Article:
The three German brothers, of Moroccan origin — Abu Bakr, Ottman and Omar Azaitar — who attended the controversial Saudi Arabian-funded King Fahd Academy Islamic school in Bonn, have gripped the public imagination in Morocco and beyond because of their relationship to King Mohamed VI.
Abu Bakr and Ottman are both martial arts champions with the former being the first Moroccan to sign with the Ultimate Fighting Championship (UFC). In 2018, the King was keen to meet the brothers to congratulate them on their sporting success. The meeting blossomed into a friendship and, according to media reports, Mohamed VI, started taking the brothers on vacation to the Seychelles.
The extent of this friendship remains unclear. However, Abu Azaitar has posted several pictures of himself on social media alongside the monarch, with both men clearly at ease in each other’s company. The brothers are avid social media users who regularly post pictures of themselves and show off their immense wealth; so much so that some media outlets have referred to them as the ‘Bling-Bling fighters.’
According to some press reports, as the friendship developed, Mohamed VI started to allow more access for the brothers, who became regular visitors to the Royal Palace, supporting their ventures including promoting the burger restaurant opened by Omar Azaitar in Tangiers in 2019, and allowing them to renovate an unused palace in Tangiers and turn it into a sports club.
This friendship was called into question on 1 May 2021 when Hesspress, one of the country’s most prominent online media outlets, published an anonymous article revealing the brothers’ murky past. It revealed that they had been convicted in a string of offences in Germany where they were dubbed the ‘Ferrari gangsters.’ In one case, Abu Bakr was charged with beating up a businessman and threatening to kill him by dousing him in petrol and then stealing his Ferrari. The Hesspress article asserted, ‘Theft, extortion, fraud, physical violence, criminal association, robbery and recidivism, computer fraud, driving without a license, bodily harm, causing permanent disability, assault and battery, drug trafficking, forgery and use of forgery, and resistance to law enforcement. This is the incredible pedigree of Abu Bakr Azaitar.’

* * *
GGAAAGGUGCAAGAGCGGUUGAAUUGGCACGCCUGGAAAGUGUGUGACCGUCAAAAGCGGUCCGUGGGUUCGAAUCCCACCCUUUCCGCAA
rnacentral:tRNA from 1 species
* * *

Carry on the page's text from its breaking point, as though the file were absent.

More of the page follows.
That a Moroccan media outlet should have attacked the King’s friends in such a direct fashion raised eyebrows. However, although other domestic media outlets followed suit and published more articles about the brothers, the story waned and all but died down. In April 2023, however, it was resuscitated when the Economist carried a lengthy piece about the Azaitar brothers’ influence on the King that was picked up by the Times newspaper, as well as by French and Spanish media outlets.
The Economist article was quickly attacked by Hesspress, which accused it of using its sources and being late in the day to break the story. The social media posts and boasts of the Azaitar brothers’ achievements had appear to have dwindled considerably over the past year.This excerpt is taken from Morocco Focus, our monthly intelligence report on Morocco. Click here to receive a free sample copy.
The July 2023 issues of Morocco Focus also includes the following:
- Israel recognises Moroccan sovereignty over the Western Sahara…
- EU-Moroccan Fisheries Partnership Agreement expires
- Germany develops new alliance with Morocco
- Morocco diplomatic successes hurt Algeria’s spy chief
- Senior PJD member sentenced to prison term…
- Cancellation of King’s speech sparks rumours of ill health
- The King and the kickboxing brothers…
- Renewed rumour of plots
Energy & Economy
- Attempts to address regional investment imbalance
- Shell to supply Morocco with LNG